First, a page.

With the 2013 NFL Scouting Combine set to kick off a whirlwind of NFL Draft hype this weekend, legions of cameras, reporters, coaches and NFL executives will descend upon Indianapolis. There, they'll watch over 300 athletes perform various Feats of Strength—each arbitrary in their own special fashion—for their prospective employers.
Chicago Bears’ GM Phil Emery will be in attendance, and although he's a combine veteran, it'll be interesting to see if he buys into the spectacle as a whole.
Our general fervor for football fuels a year-round news cycle in the National Football League. The NFL Draft is a season all to itself, and with the immediacy of the information age, we continue to clamor for anything we can find on the game's young potential stars.
This crave has led to the popularity of the NFL Combine, which the NFL Network will cover for four days this weekend and leading into next week. Meanwhile, that coverage will continue to shape the sport's obsession with measurables.
And while there's no questioning the relevance of athleticism in football, these measurables often lead to misrepresentations of what makes a real player. Athletes who have proven at every level that they're capable of making plays will be marginalized by their 40-time or their standing broad jump.
On the opposite end of the spectrum, people will become enamored with a kid who hopped off the bus and ran a 4.34, choosing to ignore entirely that he spent three unproductive seasons at State University buried behind the kid who ran a 4.6.
It's an injustice of minimal importance, but an injustice nonetheless.
The idea behind this week-long production, which looks like Westminster on two legs and steroids, is that these numbers give tangible meaning to the word athleticism. Instead of saying something simple and subjective like, "This kid's an athlete," you can authoritatively say, "This kid runs this fast, jumps this high and lifted that bar this many times." Afterward, you can make some semi-erotic comment about how good he looks with his shirt off.
And it is true that the measurables themselves are objective; however, their practical application toward playing football are anything but.
Combine freaks can be great football players. They can also be very bad football players.
Players who are simply bigger, stronger and faster than other players—who can actually play—will ultimately identify themselves on the football field. So, in essence, the Combine is really just an opportunity to distort what the tape already tells us. Not to mention the fact that the entire process is reminiscent of a Drago scene in Rocky IV—a public exhibition.
To be fair, front office executives are far-less infatuated with 40 times then the average fan. That's because their talent evaluators are still taught to trust their eyes and tape is still the most valuable commodity in the scouting industry, at least until football's statistical analytics catch up with those of Major League Baseball.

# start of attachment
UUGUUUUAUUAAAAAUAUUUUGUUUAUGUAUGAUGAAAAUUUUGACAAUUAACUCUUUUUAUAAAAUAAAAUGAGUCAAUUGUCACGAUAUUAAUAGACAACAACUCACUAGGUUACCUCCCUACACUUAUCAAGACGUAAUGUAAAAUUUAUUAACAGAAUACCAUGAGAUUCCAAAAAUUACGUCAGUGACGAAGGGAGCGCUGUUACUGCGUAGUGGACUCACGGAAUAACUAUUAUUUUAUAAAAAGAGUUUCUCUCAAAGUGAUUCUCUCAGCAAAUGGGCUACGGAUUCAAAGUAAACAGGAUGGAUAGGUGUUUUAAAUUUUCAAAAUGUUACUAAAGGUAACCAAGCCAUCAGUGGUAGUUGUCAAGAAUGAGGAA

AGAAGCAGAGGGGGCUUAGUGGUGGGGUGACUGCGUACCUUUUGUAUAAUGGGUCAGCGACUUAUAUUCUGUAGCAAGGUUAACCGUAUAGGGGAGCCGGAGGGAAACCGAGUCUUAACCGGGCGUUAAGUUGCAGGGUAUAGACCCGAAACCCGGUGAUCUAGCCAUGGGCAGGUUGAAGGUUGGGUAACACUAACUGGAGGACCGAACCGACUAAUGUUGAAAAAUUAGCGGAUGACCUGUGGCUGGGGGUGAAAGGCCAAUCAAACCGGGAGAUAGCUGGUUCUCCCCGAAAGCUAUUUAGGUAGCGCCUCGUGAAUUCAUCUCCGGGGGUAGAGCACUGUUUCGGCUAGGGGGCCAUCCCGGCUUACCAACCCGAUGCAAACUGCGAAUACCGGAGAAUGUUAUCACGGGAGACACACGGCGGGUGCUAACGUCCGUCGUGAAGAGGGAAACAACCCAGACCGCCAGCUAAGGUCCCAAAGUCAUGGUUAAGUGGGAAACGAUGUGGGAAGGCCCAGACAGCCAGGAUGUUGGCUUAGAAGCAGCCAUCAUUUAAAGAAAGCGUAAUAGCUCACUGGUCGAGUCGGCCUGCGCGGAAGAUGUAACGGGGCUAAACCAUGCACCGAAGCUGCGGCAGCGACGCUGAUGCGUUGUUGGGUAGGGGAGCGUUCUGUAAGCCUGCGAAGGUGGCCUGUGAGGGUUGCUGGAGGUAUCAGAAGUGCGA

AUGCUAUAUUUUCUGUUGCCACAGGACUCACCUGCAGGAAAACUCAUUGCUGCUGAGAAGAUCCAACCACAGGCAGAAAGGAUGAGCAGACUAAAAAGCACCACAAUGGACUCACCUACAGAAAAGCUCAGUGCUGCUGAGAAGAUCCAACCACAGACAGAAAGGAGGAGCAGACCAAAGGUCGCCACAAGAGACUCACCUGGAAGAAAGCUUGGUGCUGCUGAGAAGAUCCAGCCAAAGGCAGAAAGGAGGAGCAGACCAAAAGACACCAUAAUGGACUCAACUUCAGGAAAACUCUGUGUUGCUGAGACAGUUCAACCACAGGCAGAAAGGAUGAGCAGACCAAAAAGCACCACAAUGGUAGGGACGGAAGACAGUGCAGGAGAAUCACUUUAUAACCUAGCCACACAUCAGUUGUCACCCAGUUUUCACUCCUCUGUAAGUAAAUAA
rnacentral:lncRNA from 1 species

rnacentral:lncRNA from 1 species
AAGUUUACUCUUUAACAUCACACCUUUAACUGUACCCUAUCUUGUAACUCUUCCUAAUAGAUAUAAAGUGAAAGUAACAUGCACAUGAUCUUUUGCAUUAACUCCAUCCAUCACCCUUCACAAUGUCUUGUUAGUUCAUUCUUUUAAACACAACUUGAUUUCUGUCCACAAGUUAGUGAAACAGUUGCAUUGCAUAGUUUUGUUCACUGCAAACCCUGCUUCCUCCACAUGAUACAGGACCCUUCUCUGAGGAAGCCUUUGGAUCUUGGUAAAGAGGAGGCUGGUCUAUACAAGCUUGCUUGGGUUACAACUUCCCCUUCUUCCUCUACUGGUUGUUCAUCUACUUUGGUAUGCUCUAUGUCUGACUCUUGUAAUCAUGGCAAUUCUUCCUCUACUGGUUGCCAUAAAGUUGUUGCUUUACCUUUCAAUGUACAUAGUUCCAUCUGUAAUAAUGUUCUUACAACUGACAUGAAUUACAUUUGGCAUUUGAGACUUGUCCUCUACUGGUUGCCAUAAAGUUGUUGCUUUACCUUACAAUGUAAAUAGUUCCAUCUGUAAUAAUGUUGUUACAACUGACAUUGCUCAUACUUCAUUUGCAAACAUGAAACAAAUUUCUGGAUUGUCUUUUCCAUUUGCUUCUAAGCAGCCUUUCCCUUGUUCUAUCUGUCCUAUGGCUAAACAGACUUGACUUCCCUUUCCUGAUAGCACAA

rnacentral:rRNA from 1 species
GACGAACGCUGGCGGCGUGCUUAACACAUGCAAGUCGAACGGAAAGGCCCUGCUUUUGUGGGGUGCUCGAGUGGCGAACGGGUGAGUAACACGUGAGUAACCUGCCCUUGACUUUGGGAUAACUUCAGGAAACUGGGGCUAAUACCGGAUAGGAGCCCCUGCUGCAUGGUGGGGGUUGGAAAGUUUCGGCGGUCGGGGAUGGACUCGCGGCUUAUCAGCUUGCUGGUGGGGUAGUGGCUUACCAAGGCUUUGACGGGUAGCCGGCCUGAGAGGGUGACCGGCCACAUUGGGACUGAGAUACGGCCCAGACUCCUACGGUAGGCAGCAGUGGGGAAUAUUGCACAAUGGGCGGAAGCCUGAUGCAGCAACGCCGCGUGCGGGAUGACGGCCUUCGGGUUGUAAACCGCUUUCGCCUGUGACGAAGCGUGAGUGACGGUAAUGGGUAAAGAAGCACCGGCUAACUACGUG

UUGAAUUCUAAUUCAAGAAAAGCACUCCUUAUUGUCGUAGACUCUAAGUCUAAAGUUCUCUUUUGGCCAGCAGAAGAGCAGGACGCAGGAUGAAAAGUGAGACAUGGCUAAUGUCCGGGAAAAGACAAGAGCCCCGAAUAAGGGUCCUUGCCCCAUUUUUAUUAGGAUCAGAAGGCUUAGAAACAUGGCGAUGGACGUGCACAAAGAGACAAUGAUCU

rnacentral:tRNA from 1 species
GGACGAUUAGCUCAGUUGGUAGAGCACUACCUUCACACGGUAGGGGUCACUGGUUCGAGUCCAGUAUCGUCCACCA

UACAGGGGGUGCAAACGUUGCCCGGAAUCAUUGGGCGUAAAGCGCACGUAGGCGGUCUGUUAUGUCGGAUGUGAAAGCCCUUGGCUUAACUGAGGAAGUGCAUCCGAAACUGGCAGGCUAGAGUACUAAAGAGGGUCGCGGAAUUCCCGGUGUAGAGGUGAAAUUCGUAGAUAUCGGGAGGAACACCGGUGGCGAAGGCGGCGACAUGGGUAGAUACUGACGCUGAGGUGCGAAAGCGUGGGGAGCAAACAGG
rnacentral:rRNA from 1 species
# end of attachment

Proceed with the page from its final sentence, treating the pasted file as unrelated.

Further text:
Phil Emery's background is in scouting, so he knows the territory well. He spent six years as a scout in Chicago at the turn of the century and went on to take executive scouting positions with the Atlanta Falcons and the Kansas City Chiefs before coming full circle and becoming the general manager of the Bears last season.
Because of that experience, Emery isn't likely to be sucked into the vortex of such a futile process. However, in some instances it's almost impossible not to be captivated by the combine freak. See Dontari Poe.
The verdict is still out on Poe, who was plagued by mediocrity throughout his career at Memphis, but if I were a betting man (I am), I'd be willing to say that one won't pan out. However, in the interest of fairness I won't include him on the list of combine freaks turned busts.
But that list is already plenty long.
Mike Mamula, Taylor Mays, Darius Heyward-Bey, and Vernon Gholston are just a few off the top of my head. And who could forget Matt Jones, perhaps the ultimate example in getting
combined carried away?
Jones was a quarterback at Arkansas who was drafted as a wide receiver despite limited-to-no experience because he put on one of the greatest combine performances of all-time. A substance abuse problem eventually led to his demise and he was out of The League in just three years, although not being any good certainly didn't help his cause.
This weekend, there's bound to be a Matt Jones in the crowd—someone who does things that make us say "Wow!" in shorts and a t-shirt—but has never truly produced on the football field. Somebody will take a flyer, but that somebody had better not be the Chicago Bears.
A new coaching staff gives Emery an opportunity to slowly begin to leave his watermark on this page of Chicago Bears’ history. However, the roster is in a transitional phase where they have to get younger while remaining competitive. That means they need football players in this draft who can add depth and contribute immediately, not a long-term project.
Not a combine freak.
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Filed under: Combine